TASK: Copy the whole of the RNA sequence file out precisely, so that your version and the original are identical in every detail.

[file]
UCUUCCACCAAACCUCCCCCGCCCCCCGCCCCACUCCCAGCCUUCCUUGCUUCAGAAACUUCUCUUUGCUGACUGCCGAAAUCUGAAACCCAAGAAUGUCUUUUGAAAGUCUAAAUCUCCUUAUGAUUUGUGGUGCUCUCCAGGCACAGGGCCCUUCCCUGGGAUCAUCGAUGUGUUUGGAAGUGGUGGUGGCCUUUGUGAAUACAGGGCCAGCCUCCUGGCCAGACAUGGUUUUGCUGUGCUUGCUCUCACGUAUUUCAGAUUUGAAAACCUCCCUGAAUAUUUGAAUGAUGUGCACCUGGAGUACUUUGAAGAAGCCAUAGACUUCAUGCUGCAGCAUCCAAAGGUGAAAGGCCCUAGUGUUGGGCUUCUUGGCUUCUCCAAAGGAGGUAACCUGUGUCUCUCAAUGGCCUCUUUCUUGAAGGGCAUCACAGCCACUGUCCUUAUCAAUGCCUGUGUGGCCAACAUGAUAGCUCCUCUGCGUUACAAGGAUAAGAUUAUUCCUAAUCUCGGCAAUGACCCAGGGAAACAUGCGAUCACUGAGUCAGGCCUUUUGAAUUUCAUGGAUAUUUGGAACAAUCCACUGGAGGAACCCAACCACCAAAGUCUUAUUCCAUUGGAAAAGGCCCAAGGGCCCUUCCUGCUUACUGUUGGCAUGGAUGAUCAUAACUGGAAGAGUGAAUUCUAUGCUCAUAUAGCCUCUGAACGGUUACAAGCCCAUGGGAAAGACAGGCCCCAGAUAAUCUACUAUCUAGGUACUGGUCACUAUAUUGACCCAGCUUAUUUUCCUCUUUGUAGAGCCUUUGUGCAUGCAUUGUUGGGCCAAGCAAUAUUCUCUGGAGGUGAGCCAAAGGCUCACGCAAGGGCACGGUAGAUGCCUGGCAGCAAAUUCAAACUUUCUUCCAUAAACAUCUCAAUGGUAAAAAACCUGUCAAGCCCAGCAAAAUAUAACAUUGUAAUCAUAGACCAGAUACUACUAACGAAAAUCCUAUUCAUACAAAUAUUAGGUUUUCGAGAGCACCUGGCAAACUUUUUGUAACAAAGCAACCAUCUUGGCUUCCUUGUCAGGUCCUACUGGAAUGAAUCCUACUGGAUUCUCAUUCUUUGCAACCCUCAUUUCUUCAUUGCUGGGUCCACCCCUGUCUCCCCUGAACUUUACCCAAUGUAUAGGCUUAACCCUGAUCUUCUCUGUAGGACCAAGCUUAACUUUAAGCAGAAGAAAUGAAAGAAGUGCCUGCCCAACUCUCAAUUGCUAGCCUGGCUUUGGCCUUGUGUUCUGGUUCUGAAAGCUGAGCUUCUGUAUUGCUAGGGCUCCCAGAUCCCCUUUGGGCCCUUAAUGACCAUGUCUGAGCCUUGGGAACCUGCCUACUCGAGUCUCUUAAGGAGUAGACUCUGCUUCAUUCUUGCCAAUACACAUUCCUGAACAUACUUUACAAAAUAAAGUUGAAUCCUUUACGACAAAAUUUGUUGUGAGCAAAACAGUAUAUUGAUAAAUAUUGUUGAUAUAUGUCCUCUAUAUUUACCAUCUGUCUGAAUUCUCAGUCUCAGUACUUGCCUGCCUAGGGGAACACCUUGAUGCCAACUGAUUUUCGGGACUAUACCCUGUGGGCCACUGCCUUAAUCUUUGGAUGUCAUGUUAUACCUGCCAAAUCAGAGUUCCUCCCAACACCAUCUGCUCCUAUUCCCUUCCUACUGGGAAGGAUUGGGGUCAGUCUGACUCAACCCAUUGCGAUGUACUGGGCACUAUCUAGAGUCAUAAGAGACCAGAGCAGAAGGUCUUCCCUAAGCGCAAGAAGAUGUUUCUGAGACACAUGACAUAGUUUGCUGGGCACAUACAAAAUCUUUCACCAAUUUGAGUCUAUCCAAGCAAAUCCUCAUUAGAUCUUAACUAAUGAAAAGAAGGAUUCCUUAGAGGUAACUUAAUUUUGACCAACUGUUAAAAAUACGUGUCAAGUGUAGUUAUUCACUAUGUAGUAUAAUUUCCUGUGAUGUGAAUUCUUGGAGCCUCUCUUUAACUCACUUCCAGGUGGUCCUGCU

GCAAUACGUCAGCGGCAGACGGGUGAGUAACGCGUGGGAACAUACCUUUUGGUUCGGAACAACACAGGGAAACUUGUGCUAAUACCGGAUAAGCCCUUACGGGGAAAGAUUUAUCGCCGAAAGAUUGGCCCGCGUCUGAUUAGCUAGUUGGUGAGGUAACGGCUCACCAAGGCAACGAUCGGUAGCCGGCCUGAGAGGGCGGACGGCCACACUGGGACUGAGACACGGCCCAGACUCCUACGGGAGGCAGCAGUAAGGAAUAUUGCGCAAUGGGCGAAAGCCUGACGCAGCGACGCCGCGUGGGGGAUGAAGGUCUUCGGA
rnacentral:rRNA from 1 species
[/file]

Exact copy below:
UCUUCCACCAAACCUCCCCCGCCCCCCGCCCCACUCCCAGCCUUCCUUGCUUCAGAAACUUCUCUUUGCUGACUGCCGAAAUCUGAAACCCAAGAAUGUCUUUUGAAAGUCUAAAUCUCCUUAUGAUUUGUGGUGCUCUCCAGGCACAGGGCCCUUCCCUGGGAUCAUCGAUGUGUUUGGAAGUGGUGGUGGCCUUUGUGAAUACAGGGCCAGCCUCCUGGCCAGACAUGGUUUUGCUGUGCUUGCUCUCACGUAUUUCAGAUUUGAAAACCUCCCUGAAUAUUUGAAUGAUGUGCACCUGGAGUACUUUGAAGAAGCCAUAGACUUCAUGCUGCAGCAUCCAAAGGUGAAAGGCCCUAGUGUUGGGCUUCUUGGCUUCUCCAAAGGAGGUAACCUGUGUCUCUCAAUGGCCUCUUUCUUGAAGGGCAUCACAGCCACUGUCCUUAUCAAUGCCUGUGUGGCCAACAUGAUAGCUCCUCUGCGUUACAAGGAUAAGAUUAUUCCUAAUCUCGGCAAUGACCCAGGGAAACAUGCGAUCACUGAGUCAGGCCUUUUGAAUUUCAUGGAUAUUUGGAACAAUCCACUGGAGGAACCCAACCACCAAAGUCUUAUUCCAUUGGAAAAGGCCCAAGGGCCCUUCCUGCUUACUGUUGGCAUGGAUGAUCAUAACUGGAAGAGUGAAUUCUAUGCUCAUAUAGCCUCUGAACGGUUACAAGCCCAUGGGAAAGACAGGCCCCAGAUAAUCUACUAUCUAGGUACUGGUCACUAUAUUGACCCAGCUUAUUUUCCUCUUUGUAGAGCCUUUGUGCAUGCAUUGUUGGGCCAAGCAAUAUUCUCUGGAGGUGAGCCAAAGGCUCACGCAAGGGCACGGUAGAUGCCUGGCAGCAAAUUCAAACUUUCUUCCAUAAACAUCUCAAUGGUAAAAAACCUGUCAAGCCCAGCAAAAUAUAACAUUGUAAUCAUAGACCAGAUACUACUAACGAAAAUCCUAUUCAUACAAAUAUUAGGUUUUCGAGAGCACCUGGCAAACUUUUUGUAACAAAGCAACCAUCUUGGCUUCCUUGUCAGGUCCUACUGGAAUGAAUCCUACUGGAUUCUCAUUCUUUGCAACCCUCAUUUCUUCAUUGCUGGGUCCACCCCUGUCUCCCCUGAACUUUACCCAAUGUAUAGGCUUAACCCUGAUCUUCUCUGUAGGACCAAGCUUAACUUUAAGCAGAAGAAAUGAAAGAAGUGCCUGCCCAACUCUCAAUUGCUAGCCUGGCUUUGGCCUUGUGUUCUGGUUCUGAAAGCUGAGCUUCUGUAUUGCUAGGGCUCCCAGAUCCCCUUUGGGCCCUUAAUGACCAUGUCUGAGCCUUGGGAACCUGCCUACUCGAGUCUCUUAAGGAGUAGACUCUGCUUCAUUCUUGCCAAUACACAUUCCUGAACAUACUUUACAAAAUAAAGUUGAAUCCUUUACGACAAAAUUUGUUGUGAGCAAAACAGUAUAUUGAUAAAUAUUGUUGAUAUAUGUCCUCUAUAUUUACCAUCUGUCUGAAUUCUCAGUCUCAGUACUUGCCUGCCUAGGGGAACACCUUGAUGCCAACUGAUUUUCGGGACUAUACCCUGUGGGCCACUGCCUUAAUCUUUGGAUGUCAUGUUAUACCUGCCAAAUCAGAGUUCCUCCCAACACCAUCUGCUCCUAUUCCCUUCCUACUGGGAAGGAUUGGGGUCAGUCUGACUCAACCCAUUGCGAUGUACUGGGCACUAUCUAGAGUCAUAAGAGACCAGAGCAGAAGGUCUUCCCUAAGCGCAAGAAGAUGUUUCUGAGACACAUGACAUAGUUUGCUGGGCACAUACAAAAUCUUUCACCAAUUUGAGUCUAUCCAAGCAAAUCCUCAUUAGAUCUUAACUAAUGAAAAGAAGGAUUCCUUAGAGGUAACUUAAUUUUGACCAACUGUUAAAAAUACGUGUCAAGUGUAGUUAUUCACUAUGUAGUAUAAUUUCCUGUGAUGUGAAUUCUUGGAGCCUCUCUUUAACUCACUUCCAGGUGGUCCUGCU

GCAAUACGUCAGCGGCAGACGGGUGAGUAACGCGUGGGAACAUACCUUUUGGUUCGGAACAACACAGGGAAACUUGUGCUAAUACCGGAUAAGCCCUUACGGGGAAAGAUUUAUCGCCGAAAGAUUGGCCCGCGUCUGAUUAGCUAGUUGGUGAGGUAACGGCUCACCAAGGCAACGAUCGGUAGCCGGCCUGAGAGGGCGGACGGCCACACUGGGACUGAGACACGGCCCAGACUCCUACGGGAGGCAGCAGUAAGGAAUAUUGCGCAAUGGGCGAAAGCCUGACGCAGCGACGCCGCGUGGGGGAUGAAGGUCUUCGGA
rnacentral:rRNA from 1 species